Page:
On August 26, 2013, Governor Patrick Quinn signed into law Illinois Senate Bill 1912, now Public Act 098-0548, which will require settling defendants to tender a release document to the plaintiff within 14 days after written confirmation of the settlement, and to tender payment of the settlement within 30 days after receipt of the executed release and other specified documents. The law applies to all cases involving personal injury, property damage, wrongful death and tort actions seeking money damages, which would include business torts seeking economic damages, and claims for professional negligence, such as accounting and legal malpractice cases.
Under the new law, which becomes effective on January 1, 2014, a settling defendant has 14 days after receiving written confirmation of a settlement to tender a release to the plaintiff. If the settlement requires court approval, the plaintiff shall tender a copy of the order approving the settlement to the defendant.
If there are known liens or other third party rights to recover from the settlement, including attorneys’ liens, Medicare or Medicaid liens, the plaintiff “may protect the third party’s right of recovery” by tendering to the defendant
(1) a signed release of the attorney’s lien;
(a) a signed release of the healthcare provider’s lien; or
(b) a letter from the plaintiff’s attorney agreeing to hold the full amount of the claimed lien in the plaintiff’s attorney’s client fund account pending final resolution of the lien; or
(c) an offer that the defendant hold the full amount of the claimed right of recovery pending final resolution of the amount of recovery
(a) documentation of an agreement with CMS or other health insurers concerning the amount of the settlement that will be accepted in satisfaction of the right of recovery or
(b) a letter from the plaintiff’s attorney agreeing to hold the full amount of the claimed right of recovery in the plaintiff’s attorney’s client fund account; or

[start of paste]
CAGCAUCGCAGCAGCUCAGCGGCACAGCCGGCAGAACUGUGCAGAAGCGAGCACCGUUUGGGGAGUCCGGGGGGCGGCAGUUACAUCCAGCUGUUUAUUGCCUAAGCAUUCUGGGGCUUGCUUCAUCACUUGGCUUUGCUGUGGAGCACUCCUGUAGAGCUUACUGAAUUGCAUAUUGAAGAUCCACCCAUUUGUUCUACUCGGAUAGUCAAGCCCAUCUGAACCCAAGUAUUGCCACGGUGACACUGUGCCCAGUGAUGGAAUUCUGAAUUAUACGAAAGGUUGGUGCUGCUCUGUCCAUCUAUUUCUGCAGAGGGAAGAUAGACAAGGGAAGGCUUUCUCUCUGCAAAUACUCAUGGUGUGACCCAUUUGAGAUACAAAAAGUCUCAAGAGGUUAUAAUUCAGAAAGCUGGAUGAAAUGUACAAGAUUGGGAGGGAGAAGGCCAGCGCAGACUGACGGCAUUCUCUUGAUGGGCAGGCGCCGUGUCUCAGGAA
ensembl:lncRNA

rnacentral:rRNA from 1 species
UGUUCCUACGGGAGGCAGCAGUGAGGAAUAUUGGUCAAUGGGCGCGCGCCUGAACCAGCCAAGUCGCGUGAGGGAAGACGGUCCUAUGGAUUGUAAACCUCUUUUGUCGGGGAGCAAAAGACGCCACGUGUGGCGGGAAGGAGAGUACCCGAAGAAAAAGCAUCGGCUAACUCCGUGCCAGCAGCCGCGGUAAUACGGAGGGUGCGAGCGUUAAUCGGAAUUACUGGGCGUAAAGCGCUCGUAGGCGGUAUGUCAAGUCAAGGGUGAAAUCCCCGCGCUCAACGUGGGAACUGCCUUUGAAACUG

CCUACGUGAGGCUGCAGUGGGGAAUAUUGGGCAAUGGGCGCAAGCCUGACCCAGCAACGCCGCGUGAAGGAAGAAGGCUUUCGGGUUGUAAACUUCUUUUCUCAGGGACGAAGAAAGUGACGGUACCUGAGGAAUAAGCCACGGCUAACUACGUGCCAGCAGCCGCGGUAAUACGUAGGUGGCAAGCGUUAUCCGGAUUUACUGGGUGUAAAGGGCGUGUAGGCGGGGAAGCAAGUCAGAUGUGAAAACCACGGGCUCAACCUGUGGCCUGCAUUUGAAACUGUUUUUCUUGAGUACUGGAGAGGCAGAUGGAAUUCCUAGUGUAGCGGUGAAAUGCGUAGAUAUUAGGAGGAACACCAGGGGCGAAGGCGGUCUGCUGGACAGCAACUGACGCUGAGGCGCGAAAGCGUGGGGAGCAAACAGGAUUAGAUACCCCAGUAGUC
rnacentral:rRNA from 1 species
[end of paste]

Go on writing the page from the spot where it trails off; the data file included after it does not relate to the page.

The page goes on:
(c) an offer that the defendant hold the full amount of the claimed right of recovery pending the resolution of the amount of the right of recovery.
Once the defendant has received the documentation listed above, the defendant must tender full payment of all sums due to the plaintiff within 30 days. If the defendant fails to tender full payment in a timely manner, the court shall enter judgment against the defendant for the full amount set forth in the executed release plus the cost to obtain the judgment and interest at the statutory post-judgment interest rate (currently 9%) starting the date the plaintiff tenders the required documents.
Significantly, the Act applies to personal injury, property damage, wrongful death and tort actions involving claims for money damages “except as otherwise agreed by the parties.” Therefore, the parties can, by mutual agreement, opt out of the requirements of the Act. This likely has to take place during the negotiations for the settlement, and it will be unlikely that a plaintiff will agree to this after negotiations have been concluded.
This new law could seriously impact defendants who settle complex cases involving multiple parties, insurance coverage disputes and third party liens. Therefore, in any case involving a settlement reached after January 1, 2014, defendants in cases with these types of issues should stipulate that any offer is contingent upon an agreement by the plaintiff to waive the requirements of this Act. If such an agreement cannot be reached, defense counsel should consider delaying any act to confirm the settlement for as long as possible, so that there will be more time to resolve the issues concerning the terms of the settlement agreements and the various lien issues.
For more information or other inquiries, please contact William K. McVisk.